By on November 25, 2019

2019 Honda Civic Type R profile

2019 Honda Civic Type R Touring

2.0-liter turbocharged four (306 hp @ 6500 rpm, 295 lb/ft. @ 2500 rpm)

Six-speed manual transmission, front-wheel drive

22 city / 28 highway / 25 combined (EPA Rating, MPG)

26.1 (observed mileage, MPG)

10.6 city / 8.3 highway / 9.6 combined (NRCan Rating, L/100km)

Base Price: $36.620 US / $43,476 CAD

As Tested: $36,620 US/ $43,476 CAD

Prices include $920 destination charge in the United States and $1786 for freight, PDI, and A/C tax in Canada and, because of cross-border equipment differences, can’t be directly compared.

As I’ve mentioned before, reviewing cars here at TTAC is not my primary career. At best, I get a few hours a week working in my basement office to pound out prose that the Best and Brightest loves to critique. As such, I don’t always get around to writing about each car I’ve driven until several weeks (or more) later.

As the calendar pages tear away furiously toward a new year, like many I’ve taken stock of what I’ve done over the past eleven months. I’m realizing that of the cars I’ve had the pleasure of wheeling, there are only a few that I can legitimately picture myself buying. These cars are objects of desire and obsession for a gearhead like yours truly.

The 2019 Honda Civic Type R is at the top of the list, certainly. The blend of incredible performance and everyday utility make it a favorite of many reviewers. But that’s the problem – everybody’s written about it. What can this part-time auto scribe say about it that hasn’t yet been said?

2019 Honda Civic Type R front quarter

Plenty of derision has been heaped upon the styling of the Type R. Yeah, the wing is a bit garish, but it’s mounted high enough to not interfere with rear visibility. I’d be tempted to consider a delete option if it were available, but it’s not a deal breaker. One doesn’t buy a Civic Type R to blend into a crowd.

2019 Honda Civic Type R front

That is exactly why I’m puzzled by the Sonic Gray Pearl paint applied to my tester. It almost looks as if it should be a matte finish, though it’s glossy like any other typical paint. It simply looks dull. I’d love it if Honda would open up the cabinets in the paint shop a bit – Phoenix Yellow from the fabled Integra Type R would be lovely. Otherwise, it’s Championship White for my CTR.

2019 Honda Civic Type R rear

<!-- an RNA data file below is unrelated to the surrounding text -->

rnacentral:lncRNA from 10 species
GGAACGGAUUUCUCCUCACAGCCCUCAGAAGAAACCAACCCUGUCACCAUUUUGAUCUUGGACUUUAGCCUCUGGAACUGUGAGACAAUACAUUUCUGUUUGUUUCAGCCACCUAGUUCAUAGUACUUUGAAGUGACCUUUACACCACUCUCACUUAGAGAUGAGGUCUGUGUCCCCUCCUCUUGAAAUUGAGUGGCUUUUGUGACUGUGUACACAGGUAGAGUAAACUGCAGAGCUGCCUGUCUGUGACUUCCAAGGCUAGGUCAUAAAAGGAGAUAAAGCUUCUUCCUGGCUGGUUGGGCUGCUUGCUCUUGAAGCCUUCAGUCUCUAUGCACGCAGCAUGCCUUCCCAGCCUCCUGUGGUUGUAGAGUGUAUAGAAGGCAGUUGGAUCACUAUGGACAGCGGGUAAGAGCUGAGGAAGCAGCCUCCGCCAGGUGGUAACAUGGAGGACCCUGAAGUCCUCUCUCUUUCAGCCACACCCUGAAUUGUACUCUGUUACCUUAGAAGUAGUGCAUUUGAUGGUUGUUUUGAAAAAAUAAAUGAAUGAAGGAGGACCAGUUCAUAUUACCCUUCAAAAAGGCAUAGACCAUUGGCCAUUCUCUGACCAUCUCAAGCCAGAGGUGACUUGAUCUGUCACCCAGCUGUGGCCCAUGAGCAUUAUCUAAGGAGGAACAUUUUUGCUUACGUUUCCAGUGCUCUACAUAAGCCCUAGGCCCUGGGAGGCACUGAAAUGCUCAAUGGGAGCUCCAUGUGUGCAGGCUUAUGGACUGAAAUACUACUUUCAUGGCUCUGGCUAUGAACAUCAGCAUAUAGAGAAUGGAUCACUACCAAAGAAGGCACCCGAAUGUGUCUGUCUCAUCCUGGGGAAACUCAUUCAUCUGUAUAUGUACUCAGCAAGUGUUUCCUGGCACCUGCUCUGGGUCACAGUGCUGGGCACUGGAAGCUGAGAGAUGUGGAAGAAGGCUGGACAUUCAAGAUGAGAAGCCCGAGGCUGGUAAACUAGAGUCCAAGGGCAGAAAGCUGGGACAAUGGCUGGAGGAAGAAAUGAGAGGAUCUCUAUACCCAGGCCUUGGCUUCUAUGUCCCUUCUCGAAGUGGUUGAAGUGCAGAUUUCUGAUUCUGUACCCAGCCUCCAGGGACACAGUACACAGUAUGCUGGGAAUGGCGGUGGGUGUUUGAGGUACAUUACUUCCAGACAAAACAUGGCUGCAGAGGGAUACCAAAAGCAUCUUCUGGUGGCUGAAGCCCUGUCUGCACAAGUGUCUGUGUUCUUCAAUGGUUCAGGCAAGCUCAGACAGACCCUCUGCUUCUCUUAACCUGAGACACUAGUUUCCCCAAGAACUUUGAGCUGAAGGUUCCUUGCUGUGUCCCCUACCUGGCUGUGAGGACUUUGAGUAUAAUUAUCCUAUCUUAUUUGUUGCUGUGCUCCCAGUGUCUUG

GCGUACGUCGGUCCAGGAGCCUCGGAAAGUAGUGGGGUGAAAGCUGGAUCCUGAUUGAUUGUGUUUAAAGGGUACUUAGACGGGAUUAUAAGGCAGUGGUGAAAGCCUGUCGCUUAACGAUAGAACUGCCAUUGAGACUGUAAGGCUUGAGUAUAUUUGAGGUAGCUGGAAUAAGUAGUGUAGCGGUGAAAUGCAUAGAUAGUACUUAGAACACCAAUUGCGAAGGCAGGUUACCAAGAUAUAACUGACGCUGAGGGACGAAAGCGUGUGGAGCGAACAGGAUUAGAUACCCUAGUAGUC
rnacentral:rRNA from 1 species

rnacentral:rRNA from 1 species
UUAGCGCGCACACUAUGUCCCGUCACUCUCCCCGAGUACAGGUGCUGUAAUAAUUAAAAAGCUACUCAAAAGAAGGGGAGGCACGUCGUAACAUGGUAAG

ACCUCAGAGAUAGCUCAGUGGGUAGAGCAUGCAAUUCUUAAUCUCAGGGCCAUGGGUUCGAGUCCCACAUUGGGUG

Oh, for those who really care about such things, the 2019 Civic Type R has one major change inside: it has a real volume knob for the stereo.

2019 Honda Civic Type R center stack

I’m a bit bothered by the mismatch between the front and rear seats – front seats are primarily red with touches of black trim, while the rear bench is black with red stitching and seatbelts. I know that Type Rs of yesteryear have been finished this way, but it’s jarring to my eye. It reminds me of tuner cars with mismatching seats, fitted when the cash-strapped owner could manage to afford something. I could learn to live with it, I’m sure, as the front seats are marvelous. The bolsters, while deep and firm, are set just wide enough to squeeze my ample backside in place when hucking this ultimate hot hatch into corners at inadvisable speeds. They’re no substitute for proper fixed-back racing shells, but they will suit weekend warriors at track days or autocrosses perfectly.

2019 Honda Civic Type R front seats 2019 Honda Civic Type R seat logo

Like any other Civic, of course, the rear seat is plenty comfortable for my ever-growing tweens – but just those two, as the Civic Type R has but two seatbelts and a hard plastic cupholder situated where a third butt might normally sit. It’s not often I need to haul five – and I do have a minivan for that purpose – but when we need to run my daughter’s friend to a birthday party it’d be nice to have the option to do so legally.

2019 Honda Civic Type R rear seat

Honestly, though, I’d really prefer to drive the Civic Type R solo – at least when pointed toward the more enjoyable roads in Southeastern Ohio. The lack of bolstering on the rear seat cushion would lead to a pair of kids sliding to and fro as I hustle through the twisties, with a better-than-average chance at a minced oath or three being uttered while they fight back motion sickness. This car simply sticks. At least at the speeds I subjected it to (I couldn’t manage to get to a track day during my week with the CTR), this hottest hatch just kept going with no drama.

2019 Honda Civic Type R interior

Three hundred and six horsepower – paired with 295 lb/ft of torque down low at 2500 rpm – made pulling away from corners a cinch. Doing something stupid, like dramatically stomping the pedal while the steering wheel is still unwinding, is rewarded with relentless pulling through the corner, rather than dramatic wheelspin thanks to the factory helical limited-slip differential. The steering is beautifully weighted, with the leather-wrapped tiller communicating exactly what the front wheels are saying.

2019 Honda Civic Type R gauges

I’d be tempted to source a new shift knob for the excellent six-speed manual – the matte-finished metal knob can get hot enough to scorch the loops and whorls from your digits.

2019 Honda Civic Type R dashboard

Beyond the lack of a fifth seatbelt, this is just a Civic with more. It’s perfectly useable in daily driving. The ride is firm, but not punishing. The exhaust note isn’t overly loud. The tire noise isn’t too bad. This is a performance car that can handle track duty and commuter duty with equal aplomb.

2019 Honda Civic Type R badge

I’ll date myself here a bit – when The Fast and the Furious film hit screens, I was enamored. I immediately subscribed to Sport Compact Car magazine and began clipping tech articles for later (when I had a car worthy of modifying in the style of the film). I kept shopping for an older Honda Civic, but even then, my choices for a clean car were getting slim. The phrase I kept seeing in advertisements was “Fully Built,” which in theory means the car was modified to the fullest extent – but in reality meant the seller wanted to turn a profit off of the parts bolted to a rusty shell of a car.